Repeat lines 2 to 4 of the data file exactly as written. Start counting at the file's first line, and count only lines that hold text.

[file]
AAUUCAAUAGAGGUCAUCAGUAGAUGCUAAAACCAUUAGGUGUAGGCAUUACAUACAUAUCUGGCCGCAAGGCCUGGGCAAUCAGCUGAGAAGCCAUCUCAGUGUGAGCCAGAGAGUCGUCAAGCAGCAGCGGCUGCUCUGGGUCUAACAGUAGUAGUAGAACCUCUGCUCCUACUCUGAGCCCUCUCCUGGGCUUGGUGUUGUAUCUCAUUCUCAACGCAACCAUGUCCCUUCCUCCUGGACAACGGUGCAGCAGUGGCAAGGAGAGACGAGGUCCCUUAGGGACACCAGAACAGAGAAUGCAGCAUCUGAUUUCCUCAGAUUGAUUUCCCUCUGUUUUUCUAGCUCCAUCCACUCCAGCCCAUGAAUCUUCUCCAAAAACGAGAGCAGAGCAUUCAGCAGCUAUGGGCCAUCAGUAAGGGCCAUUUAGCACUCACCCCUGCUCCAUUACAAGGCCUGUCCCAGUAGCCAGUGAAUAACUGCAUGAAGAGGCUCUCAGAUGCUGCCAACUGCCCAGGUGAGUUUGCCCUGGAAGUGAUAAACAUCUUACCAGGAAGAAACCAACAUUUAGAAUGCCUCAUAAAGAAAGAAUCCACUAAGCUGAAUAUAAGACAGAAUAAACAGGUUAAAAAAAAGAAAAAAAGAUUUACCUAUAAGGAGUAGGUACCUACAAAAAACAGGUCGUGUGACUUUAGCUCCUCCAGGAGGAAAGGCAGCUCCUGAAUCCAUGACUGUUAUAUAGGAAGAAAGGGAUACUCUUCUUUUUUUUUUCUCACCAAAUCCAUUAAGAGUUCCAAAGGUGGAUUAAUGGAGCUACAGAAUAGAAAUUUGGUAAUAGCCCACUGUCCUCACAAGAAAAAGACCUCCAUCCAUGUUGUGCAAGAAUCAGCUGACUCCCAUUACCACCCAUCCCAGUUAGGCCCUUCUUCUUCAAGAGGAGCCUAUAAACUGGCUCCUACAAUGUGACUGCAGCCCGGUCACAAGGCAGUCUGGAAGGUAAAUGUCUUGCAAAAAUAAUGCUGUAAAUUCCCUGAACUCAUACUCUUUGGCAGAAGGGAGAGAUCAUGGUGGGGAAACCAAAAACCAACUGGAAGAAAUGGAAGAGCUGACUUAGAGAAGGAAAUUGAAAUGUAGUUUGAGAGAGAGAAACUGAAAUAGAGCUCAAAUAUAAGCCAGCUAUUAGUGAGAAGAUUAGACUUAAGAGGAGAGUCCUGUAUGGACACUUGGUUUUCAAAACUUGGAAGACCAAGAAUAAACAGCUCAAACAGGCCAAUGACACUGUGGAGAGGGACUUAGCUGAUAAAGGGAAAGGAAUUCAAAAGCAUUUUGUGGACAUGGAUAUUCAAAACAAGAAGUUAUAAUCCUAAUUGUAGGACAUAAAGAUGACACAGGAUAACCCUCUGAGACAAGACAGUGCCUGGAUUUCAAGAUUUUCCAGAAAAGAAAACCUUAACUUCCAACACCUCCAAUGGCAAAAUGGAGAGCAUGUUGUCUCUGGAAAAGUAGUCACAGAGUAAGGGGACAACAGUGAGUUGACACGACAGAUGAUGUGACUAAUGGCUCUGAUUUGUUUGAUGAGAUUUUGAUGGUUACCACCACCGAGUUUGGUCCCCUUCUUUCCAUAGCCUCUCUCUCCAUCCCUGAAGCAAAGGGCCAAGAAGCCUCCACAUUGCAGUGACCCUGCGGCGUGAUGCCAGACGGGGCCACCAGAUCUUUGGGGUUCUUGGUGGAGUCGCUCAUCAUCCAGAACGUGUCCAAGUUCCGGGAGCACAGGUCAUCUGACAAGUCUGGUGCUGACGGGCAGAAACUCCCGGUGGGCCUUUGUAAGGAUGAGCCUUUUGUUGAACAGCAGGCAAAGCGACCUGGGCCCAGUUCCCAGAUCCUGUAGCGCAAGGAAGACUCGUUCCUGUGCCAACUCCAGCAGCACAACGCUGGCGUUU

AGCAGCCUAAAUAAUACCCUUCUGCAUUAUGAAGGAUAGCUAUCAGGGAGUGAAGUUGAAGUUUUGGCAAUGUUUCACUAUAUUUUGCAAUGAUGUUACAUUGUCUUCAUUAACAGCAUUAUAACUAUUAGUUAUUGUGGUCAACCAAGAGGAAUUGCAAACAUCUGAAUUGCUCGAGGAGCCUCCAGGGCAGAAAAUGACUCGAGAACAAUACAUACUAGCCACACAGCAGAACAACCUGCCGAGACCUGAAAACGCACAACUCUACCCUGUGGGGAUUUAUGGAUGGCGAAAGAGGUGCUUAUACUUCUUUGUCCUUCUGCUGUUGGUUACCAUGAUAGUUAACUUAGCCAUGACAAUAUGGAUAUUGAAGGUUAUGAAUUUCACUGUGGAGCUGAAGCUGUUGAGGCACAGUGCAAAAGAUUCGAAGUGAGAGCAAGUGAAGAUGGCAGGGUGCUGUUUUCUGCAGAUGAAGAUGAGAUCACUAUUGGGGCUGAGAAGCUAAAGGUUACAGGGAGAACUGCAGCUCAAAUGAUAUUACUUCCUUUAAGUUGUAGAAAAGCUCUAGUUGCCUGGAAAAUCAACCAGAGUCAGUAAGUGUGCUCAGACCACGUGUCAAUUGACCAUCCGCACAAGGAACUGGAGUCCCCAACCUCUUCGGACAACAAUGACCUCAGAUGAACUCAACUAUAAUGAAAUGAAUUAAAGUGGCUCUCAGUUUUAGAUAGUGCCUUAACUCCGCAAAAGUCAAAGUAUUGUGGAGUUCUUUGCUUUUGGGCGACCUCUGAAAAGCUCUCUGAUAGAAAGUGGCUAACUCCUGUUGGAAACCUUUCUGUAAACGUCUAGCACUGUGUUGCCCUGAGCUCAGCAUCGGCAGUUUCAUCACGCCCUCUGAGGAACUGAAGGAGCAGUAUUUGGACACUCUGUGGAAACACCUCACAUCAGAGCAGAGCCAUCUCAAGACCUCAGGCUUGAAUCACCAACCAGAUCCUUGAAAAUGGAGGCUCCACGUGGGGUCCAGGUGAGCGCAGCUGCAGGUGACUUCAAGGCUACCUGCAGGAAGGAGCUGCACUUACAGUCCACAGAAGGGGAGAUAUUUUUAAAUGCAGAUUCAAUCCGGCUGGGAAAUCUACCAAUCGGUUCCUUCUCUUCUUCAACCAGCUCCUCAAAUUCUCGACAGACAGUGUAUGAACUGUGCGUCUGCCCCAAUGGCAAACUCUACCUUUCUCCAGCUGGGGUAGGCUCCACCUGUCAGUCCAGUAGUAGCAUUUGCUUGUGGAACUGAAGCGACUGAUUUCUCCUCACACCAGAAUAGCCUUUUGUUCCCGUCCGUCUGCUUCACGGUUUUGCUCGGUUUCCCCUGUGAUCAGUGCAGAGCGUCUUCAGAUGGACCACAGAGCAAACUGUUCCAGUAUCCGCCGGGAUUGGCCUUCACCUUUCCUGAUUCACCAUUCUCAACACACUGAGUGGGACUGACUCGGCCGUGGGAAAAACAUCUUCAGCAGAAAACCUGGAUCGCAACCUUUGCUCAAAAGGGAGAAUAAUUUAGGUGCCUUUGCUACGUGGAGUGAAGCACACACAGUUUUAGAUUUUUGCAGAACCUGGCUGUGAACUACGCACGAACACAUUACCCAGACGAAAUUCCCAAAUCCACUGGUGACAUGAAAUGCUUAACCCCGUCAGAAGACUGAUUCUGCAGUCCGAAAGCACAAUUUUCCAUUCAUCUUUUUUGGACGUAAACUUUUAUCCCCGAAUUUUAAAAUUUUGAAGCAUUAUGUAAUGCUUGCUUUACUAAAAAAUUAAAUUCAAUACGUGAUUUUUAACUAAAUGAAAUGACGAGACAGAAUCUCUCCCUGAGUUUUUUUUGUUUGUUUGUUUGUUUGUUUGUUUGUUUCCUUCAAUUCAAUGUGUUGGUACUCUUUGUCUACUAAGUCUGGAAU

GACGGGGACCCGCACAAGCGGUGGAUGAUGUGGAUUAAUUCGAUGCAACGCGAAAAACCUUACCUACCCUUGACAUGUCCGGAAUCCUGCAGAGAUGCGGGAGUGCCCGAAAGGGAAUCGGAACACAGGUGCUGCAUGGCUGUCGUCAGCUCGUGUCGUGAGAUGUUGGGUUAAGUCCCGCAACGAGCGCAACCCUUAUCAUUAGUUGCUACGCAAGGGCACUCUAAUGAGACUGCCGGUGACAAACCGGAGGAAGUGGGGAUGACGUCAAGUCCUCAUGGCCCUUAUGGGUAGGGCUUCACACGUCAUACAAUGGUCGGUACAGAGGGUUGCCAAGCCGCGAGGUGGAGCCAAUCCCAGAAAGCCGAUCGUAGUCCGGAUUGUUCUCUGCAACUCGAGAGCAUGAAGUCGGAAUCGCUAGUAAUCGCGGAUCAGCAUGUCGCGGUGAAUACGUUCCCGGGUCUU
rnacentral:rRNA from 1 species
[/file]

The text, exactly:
AGCAGCCUAAAUAAUACCCUUCUGCAUUAUGAAGGAUAGCUAUCAGGGAGUGAAGUUGAAGUUUUGGCAAUGUUUCACUAUAUUUUGCAAUGAUGUUACAUUGUCUUCAUUAACAGCAUUAUAACUAUUAGUUAUUGUGGUCAACCAAGAGGAAUUGCAAACAUCUGAAUUGCUCGAGGAGCCUCCAGGGCAGAAAAUGACUCGAGAACAAUACAUACUAGCCACACAGCAGAACAACCUGCCGAGACCUGAAAACGCACAACUCUACCCUGUGGGGAUUUAUGGAUGGCGAAAGAGGUGCUUAUACUUCUUUGUCCUUCUGCUGUUGGUUACCAUGAUAGUUAACUUAGCCAUGACAAUAUGGAUAUUGAAGGUUAUGAAUUUCACUGUGGAGCUGAAGCUGUUGAGGCACAGUGCAAAAGAUUCGAAGUGAGAGCAAGUGAAGAUGGCAGGGUGCUGUUUUCUGCAGAUGAAGAUGAGAUCACUAUUGGGGCUGAGAAGCUAAAGGUUACAGGGAGAACUGCAGCUCAAAUGAUAUUACUUCCUUUAAGUUGUAGAAAAGCUCUAGUUGCCUGGAAAAUCAACCAGAGUCAGUAAGUGUGCUCAGACCACGUGUCAAUUGACCAUCCGCACAAGGAACUGGAGUCCCCAACCUCUUCGGACAACAAUGACCUCAGAUGAACUCAACUAUAAUGAAAUGAAUUAAAGUGGCUCUCAGUUUUAGAUAGUGCCUUAACUCCGCAAAAGUCAAAGUAUUGUGGAGUUCUUUGCUUUUGGGCGACCUCUGAAAAGCUCUCUGAUAGAAAGUGGCUAACUCCUGUUGGAAACCUUUCUGUAAACGUCUAGCACUGUGUUGCCCUGAGCUCAGCAUCGGCAGUUUCAUCACGCCCUCUGAGGAACUGAAGGAGCAGUAUUUGGACACUCUGUGGAAACACCUCACAUCAGAGCAGAGCCAUCUCAAGACCUCAGGCUUGAAUCACCAACCAGAUCCUUGAAAAUGGAGGCUCCACGUGGGGUCCAGGUGAGCGCAGCUGCAGGUGACUUCAAGGCUACCUGCAGGAAGGAGCUGCACUUACAGUCCACAGAAGGGGAGAUAUUUUUAAAUGCAGAUUCAAUCCGGCUGGGAAAUCUACCAAUCGGUUCCUUCUCUUCUUCAACCAGCUCCUCAAAUUCUCGACAGACAGUGUAUGAACUGUGCGUCUGCCCCAAUGGCAAACUCUACCUUUCUCCAGCUGGGGUAGGCUCCACCUGUCAGUCCAGUAGUAGCAUUUGCUUGUGGAACUGAAGCGACUGAUUUCUCCUCACACCAGAAUAGCCUUUUGUUCCCGUCCGUCUGCUUCACGGUUUUGCUCGGUUUCCCCUGUGAUCAGUGCAGAGCGUCUUCAGAUGGACCACAGAGCAAACUGUUCCAGUAUCCGCCGGGAUUGGCCUUCACCUUUCCUGAUUCACCAUUCUCAACACACUGAGUGGGACUGACUCGGCCGUGGGAAAAACAUCUUCAGCAGAAAACCUGGAUCGCAACCUUUGCUCAAAAGGGAGAAUAAUUUAGGUGCCUUUGCUACGUGGAGUGAAGCACACACAGUUUUAGAUUUUUGCAGAACCUGGCUGUGAACUACGCACGAACACAUUACCCAGACGAAAUUCCCAAAUCCACUGGUGACAUGAAAUGCUUAACCCCGUCAGAAGACUGAUUCUGCAGUCCGAAAGCACAAUUUUCCAUUCAUCUUUUUUGGACGUAAACUUUUAUCCCCGAAUUUUAAAAUUUUGAAGCAUUAUGUAAUGCUUGCUUUACUAAAAAAUUAAAUUCAAUACGUGAUUUUUAACUAAAUGAAAUGACGAGACAGAAUCUCUCCCUGAGUUUUUUUUGUUUGUUUGUUUGUUUGUUUGUUUGUUUCCUUCAAUUCAAUGUGUUGGUACUCUUUGUCUACUAAGUCUGGAAU

GACGGGGACCCGCACAAGCGGUGGAUGAUGUGGAUUAAUUCGAUGCAACGCGAAAAACCUUACCUACCCUUGACAUGUCCGGAAUCCUGCAGAGAUGCGGGAGUGCCCGAAAGGGAAUCGGAACACAGGUGCUGCAUGGCUGUCGUCAGCUCGUGUCGUGAGAUGUUGGGUUAAGUCCCGCAACGAGCGCAACCCUUAUCAUUAGUUGCUACGCAAGGGCACUCUAAUGAGACUGCCGGUGACAAACCGGAGGAAGUGGGGAUGACGUCAAGUCCUCAUGGCCCUUAUGGGUAGGGCUUCACACGUCAUACAAUGGUCGGUACAGAGGGUUGCCAAGCCGCGAGGUGGAGCCAAUCCCAGAAAGCCGAUCGUAGUCCGGAUUGUUCUCUGCAACUCGAGAGCAUGAAGUCGGAAUCGCUAGUAAUCGCGGAUCAGCAUGUCGCGGUGAAUACGUUCCCGGGUCUU
rnacentral:rRNA from 1 species